Fashion, indeed, is a part of history. I’ve read many articles about how fashion is tied to what is going on in the world at a given time. So, what did these somewhat bizarre trends from the 1980s say about us as a society?

A Poultry Raising Find

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This is the back and front of a title page I found the other day when I was going through my paternal grandmother’s recipes. I wish I could find the rest of the book, and I’m hoping this will happen as I continue to go through old papers. In 1918, when this book was published, my grandmother was living in rural Lexington County, SC (it is no longer rural), and this was during a time when many people raised chickens of their own.

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I posted these pictures on Facebook yesterday, and a cousin of mine reminded me that the women on this particular side of my family- my great-grandmother and great aunts- were all active members of the local homemaker’s extension club. My grandmother was most likely a member, as well. The club was, in fact, renamed for one of my great aunts much later.

Fast forward nearly 100 years and things have come full circle. Many families moved to more urban areas and grocery stores supplied their food. Now, there is a renewed interest in raising and keeping poultry, even among people who live in urban areas. In several cities near where I live, regulations have been passed allowing residents to keep a certain number of chickens. I’ve enjoyed reading articles about city dwellers and their chickens, which seem most often to be raised for their eggs rather than their meat. It’s interesting to see the movement of people returning to the old ways of obtaining food.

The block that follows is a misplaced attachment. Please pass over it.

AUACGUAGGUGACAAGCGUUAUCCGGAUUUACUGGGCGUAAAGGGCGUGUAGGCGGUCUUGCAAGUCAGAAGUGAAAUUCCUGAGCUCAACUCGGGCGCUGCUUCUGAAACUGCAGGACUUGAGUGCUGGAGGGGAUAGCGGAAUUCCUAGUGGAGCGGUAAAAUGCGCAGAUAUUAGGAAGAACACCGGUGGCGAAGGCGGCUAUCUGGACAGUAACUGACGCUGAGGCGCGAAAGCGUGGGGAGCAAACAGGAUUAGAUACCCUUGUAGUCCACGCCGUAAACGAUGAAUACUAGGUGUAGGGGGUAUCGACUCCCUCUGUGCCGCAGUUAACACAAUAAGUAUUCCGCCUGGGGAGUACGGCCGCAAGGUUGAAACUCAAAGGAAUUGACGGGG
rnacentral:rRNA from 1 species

A New Year, A New Project

The new year is here, and with it comes a new project for me.  I’m talking a rather large intimidating project that I’ve honestly been putting off for quite a while, even though I think it will be enjoyable (at least parts of it).  It’s time for me to organize my family photographs and memorabilia.  Yikes…..

It’s not like I’m starting from scratch.  I have baby books nearly done, and scrapbooks partially completed for both my boys.  There are some completed scrapbooks of various eras in our lives.  Fortunately, I already have many of the supplies I need to continue my work, and I’ve inventoried them recently.  Still, I’m sure I’ll be making plenty of trips to hobby and craft stores, either in person or via the internet.

But, the really big and intimidating part of my project is organizing family pictures and other memorabilia that literally span 100 years.  I’m not kidding.  You see, I have plastic tubs filled with artifacts my parents collected over the years.  Both my mom and dad are gone now, and they both have many items from their respective families that date back to the early 20th century. Now, I love old photographs, church bulletins, and newspaper clippings, but this is a rather large undertaking and I want to do a good job so these items will be preserved for generations to come.

While I intend to keep many photographs and papers (and share some with other family members), I also know I need to make digital copies as well.  My technology skills are middle-of-the-road, not fabulous, but not not awful, either.  I’m certainly not afraid of technology, or of trying new things, but I do need things to be done efficiently.  I am considering the possibility of using a paid source, such as Legacybox, as I have some slides as well as photographs.  If anyone out there has used such a service, I would love to hear your reviews.

In the meantime, I’ll keep you updated about my project.  I’m sure I’ll unearth some unexpected and fun things to share.